I would be more upset with Palmeiro's using steroids than a .250 hitter who's got a career 90 HRs, despite 10 years as a journeyman bench player. That would be because of the more prominent position that Raffy plays.

    I am more upset with Bonds allegedly taking steroids, designer drugs, HGH, etc, because he's cracked several major offensive records, most of which were thought to be secure for years.

    Could I revise my order of importance or priorities in this? Yes, but right now, that's how I feel.
    I'm curious, is there an expectation that if someone questions Bonds that their own motives are to be questioned?

    quite possibly. i guess it all comes down to motive.
    As mentioned, my motive is a fair baseball discussion. Everyone's idea and opinion of "fairness" differs, but I have no interest in considering Bonds "evil" or anything similar. I just don't think that he's achieved those records when he was "clean" of any PEDs. I don't find that to be of any ulterior motives of any kind.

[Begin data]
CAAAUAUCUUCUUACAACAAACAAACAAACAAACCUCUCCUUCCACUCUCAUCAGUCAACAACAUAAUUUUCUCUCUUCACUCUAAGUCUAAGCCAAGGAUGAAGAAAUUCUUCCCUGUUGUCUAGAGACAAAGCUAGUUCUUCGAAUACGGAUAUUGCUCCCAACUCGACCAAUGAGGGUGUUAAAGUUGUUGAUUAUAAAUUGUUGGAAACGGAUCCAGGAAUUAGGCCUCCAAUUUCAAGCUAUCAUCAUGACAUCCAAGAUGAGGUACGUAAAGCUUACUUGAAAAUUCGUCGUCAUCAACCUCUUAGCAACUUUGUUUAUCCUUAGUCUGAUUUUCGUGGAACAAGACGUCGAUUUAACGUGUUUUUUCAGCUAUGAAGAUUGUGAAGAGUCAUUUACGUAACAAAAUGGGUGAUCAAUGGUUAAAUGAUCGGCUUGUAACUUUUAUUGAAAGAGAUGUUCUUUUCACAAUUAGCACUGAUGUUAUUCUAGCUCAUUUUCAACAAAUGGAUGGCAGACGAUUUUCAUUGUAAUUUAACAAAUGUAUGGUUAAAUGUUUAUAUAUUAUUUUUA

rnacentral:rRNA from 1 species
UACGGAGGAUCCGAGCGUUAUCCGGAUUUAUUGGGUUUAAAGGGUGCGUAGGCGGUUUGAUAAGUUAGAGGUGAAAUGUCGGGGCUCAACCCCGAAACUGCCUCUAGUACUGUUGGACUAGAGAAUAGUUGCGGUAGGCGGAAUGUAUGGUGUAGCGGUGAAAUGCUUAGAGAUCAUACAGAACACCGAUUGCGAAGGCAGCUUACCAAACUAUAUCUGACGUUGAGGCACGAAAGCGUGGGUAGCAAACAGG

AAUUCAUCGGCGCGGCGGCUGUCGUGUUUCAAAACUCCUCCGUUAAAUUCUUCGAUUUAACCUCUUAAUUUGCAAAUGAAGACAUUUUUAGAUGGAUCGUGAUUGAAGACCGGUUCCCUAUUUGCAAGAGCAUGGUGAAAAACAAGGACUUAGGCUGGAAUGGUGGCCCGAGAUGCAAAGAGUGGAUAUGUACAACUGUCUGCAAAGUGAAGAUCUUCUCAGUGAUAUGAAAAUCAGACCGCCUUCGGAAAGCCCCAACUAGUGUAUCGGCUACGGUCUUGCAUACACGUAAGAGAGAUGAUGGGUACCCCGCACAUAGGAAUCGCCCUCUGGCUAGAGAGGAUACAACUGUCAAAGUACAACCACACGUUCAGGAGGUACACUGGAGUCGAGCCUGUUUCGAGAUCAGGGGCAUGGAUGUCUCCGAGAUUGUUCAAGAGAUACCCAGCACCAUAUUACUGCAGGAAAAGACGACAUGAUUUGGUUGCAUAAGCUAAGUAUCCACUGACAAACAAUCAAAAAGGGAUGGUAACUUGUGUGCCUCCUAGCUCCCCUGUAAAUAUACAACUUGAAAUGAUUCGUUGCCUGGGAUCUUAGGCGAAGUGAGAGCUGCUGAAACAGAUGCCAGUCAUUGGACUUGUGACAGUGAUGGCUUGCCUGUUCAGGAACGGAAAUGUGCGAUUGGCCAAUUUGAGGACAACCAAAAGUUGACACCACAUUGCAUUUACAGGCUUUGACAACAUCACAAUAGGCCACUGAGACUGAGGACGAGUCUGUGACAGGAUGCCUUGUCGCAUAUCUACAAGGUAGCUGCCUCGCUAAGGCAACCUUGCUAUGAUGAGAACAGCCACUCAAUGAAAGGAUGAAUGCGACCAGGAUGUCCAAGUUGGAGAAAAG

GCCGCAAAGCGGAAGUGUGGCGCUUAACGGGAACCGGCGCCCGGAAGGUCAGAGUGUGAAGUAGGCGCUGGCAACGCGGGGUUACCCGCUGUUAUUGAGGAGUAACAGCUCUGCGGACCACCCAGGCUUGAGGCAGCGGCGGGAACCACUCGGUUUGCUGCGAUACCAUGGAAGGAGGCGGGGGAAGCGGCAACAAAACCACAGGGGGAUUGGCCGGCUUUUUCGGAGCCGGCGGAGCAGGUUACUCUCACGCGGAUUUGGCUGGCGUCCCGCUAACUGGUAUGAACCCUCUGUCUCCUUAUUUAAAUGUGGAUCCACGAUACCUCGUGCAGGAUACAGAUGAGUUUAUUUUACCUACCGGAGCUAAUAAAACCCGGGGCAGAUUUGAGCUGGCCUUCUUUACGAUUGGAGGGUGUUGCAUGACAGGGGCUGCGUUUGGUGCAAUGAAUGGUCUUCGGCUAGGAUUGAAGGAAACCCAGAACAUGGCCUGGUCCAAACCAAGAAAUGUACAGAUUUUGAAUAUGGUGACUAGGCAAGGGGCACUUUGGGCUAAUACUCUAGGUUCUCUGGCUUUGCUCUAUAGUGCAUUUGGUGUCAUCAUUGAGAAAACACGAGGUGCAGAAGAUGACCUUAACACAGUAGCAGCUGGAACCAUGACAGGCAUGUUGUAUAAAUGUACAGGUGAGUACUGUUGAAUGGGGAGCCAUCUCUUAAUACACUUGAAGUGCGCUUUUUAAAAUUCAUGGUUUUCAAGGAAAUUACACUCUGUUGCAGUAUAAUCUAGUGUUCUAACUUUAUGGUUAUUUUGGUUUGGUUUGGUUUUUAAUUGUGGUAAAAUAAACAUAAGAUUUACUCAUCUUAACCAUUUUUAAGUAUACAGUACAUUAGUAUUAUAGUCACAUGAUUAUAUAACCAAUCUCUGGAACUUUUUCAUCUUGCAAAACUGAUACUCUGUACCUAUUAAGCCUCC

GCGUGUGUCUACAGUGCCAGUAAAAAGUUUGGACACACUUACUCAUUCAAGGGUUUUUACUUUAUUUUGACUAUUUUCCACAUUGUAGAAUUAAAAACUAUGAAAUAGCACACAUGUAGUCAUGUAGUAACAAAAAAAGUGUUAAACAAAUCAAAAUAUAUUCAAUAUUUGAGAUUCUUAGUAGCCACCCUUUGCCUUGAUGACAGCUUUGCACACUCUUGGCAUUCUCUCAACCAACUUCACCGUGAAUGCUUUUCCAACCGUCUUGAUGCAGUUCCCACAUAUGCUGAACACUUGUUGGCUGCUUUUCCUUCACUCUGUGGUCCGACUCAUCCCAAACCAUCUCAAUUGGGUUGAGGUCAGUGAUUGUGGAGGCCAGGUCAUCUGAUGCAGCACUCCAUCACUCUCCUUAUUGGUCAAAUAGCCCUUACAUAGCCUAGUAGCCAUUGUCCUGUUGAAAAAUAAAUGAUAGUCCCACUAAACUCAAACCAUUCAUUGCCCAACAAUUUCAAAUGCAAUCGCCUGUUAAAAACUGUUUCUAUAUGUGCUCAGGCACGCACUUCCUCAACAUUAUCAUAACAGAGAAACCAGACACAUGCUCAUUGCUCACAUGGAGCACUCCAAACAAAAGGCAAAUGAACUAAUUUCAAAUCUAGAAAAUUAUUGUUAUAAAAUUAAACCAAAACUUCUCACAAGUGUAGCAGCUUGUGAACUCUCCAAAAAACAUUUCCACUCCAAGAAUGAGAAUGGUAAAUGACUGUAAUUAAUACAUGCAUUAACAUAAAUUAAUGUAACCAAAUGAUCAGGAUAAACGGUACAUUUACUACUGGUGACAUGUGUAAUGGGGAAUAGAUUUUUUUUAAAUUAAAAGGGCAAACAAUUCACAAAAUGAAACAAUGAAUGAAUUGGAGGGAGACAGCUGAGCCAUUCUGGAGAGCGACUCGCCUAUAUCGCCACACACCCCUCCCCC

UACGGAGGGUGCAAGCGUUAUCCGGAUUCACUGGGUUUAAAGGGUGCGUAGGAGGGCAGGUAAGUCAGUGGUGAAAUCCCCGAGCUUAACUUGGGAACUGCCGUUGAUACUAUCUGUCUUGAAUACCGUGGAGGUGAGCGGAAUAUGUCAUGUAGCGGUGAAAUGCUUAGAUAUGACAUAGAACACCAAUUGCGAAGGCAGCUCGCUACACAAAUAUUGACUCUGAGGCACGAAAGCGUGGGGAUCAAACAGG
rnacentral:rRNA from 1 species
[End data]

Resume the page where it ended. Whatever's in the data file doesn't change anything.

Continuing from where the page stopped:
Please let us know what is so unique about Barry Bonds behavior that differentiates himself from others.

    there is nothing unique… and that’s my point.
    you, on the other hand, by singling bonds out, are one who differentiates.
    Nothing unique of Barry Bonds, as compared to other baseball players? Or nothing unique about his alleged PED usage, as compared to others who are also accused of PED usage, but don't have anywhere near the offensive numbers? If you could please clarify, this would be appreciated.

    Leave a comment:


  • west coast orange and black
    replied
    wcoab: this entire time i have not understood the focus on bonds.
    he's just one guy.